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Drawing Water


ISSUE:  Spring 2018


Picture if you will Tony Hoagland
and me, he in his Donkey Gospel
hat and me wearing my Hustle ring,
in his car patched with silver duct
tape and sagging passenger mirrors
discussing vehicles as metaphors 
for systems, as waxen images of 
transcendence,
  while he recklessly 
                 bends corners of potholed 
Houston streets, clutching the 
steering wheel so tightly 
                   as if it were the future 
of American poetry. This is where
it gets complicated and awkward. 
  Not complicated
as in father twists his fanny 
pack as he leans forward to kiss your
forehead complicated, but just slightly
awkward because he says,
          no dawg, you which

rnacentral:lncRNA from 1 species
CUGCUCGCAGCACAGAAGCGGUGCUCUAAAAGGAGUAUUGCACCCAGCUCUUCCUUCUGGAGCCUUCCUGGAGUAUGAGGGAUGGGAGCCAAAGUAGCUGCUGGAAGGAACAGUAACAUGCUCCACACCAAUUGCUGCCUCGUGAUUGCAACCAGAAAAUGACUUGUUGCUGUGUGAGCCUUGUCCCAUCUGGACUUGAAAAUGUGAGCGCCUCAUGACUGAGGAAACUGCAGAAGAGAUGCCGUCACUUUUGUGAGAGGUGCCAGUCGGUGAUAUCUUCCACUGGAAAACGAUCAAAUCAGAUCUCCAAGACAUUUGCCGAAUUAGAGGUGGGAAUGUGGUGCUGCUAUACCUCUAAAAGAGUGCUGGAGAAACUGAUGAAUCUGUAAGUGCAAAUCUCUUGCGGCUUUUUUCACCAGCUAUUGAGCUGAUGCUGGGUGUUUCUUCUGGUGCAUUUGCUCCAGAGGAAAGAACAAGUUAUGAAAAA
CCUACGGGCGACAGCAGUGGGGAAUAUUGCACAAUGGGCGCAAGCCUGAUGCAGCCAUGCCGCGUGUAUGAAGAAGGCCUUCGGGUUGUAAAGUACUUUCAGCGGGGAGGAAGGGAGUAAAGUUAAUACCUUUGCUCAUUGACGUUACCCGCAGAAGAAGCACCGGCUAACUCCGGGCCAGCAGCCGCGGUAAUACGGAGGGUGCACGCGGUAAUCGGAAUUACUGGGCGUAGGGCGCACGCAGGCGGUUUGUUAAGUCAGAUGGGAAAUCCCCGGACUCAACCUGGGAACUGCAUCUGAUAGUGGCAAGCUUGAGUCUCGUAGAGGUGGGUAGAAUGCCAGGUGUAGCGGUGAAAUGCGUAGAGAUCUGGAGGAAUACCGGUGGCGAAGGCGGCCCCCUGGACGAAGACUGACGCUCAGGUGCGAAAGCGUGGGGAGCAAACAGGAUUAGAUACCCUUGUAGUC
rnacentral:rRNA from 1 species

really isn’t the uncomfortable
part. It’s that we’ve lost
something 
    between us, mostly weight,
him getting sick and me getting 
   healthy. We have talked about “The
Change.” He has taken one
hand off the wheel 
      to gently tap my knee
and then brush up 
those Van Gogh trees he
calls hair. The labyrinth
is someone’s home. All men are
    part boogie. What
he tells me cannot fit in a poem,
his words no longer light enough 
to lift out my chest.

 

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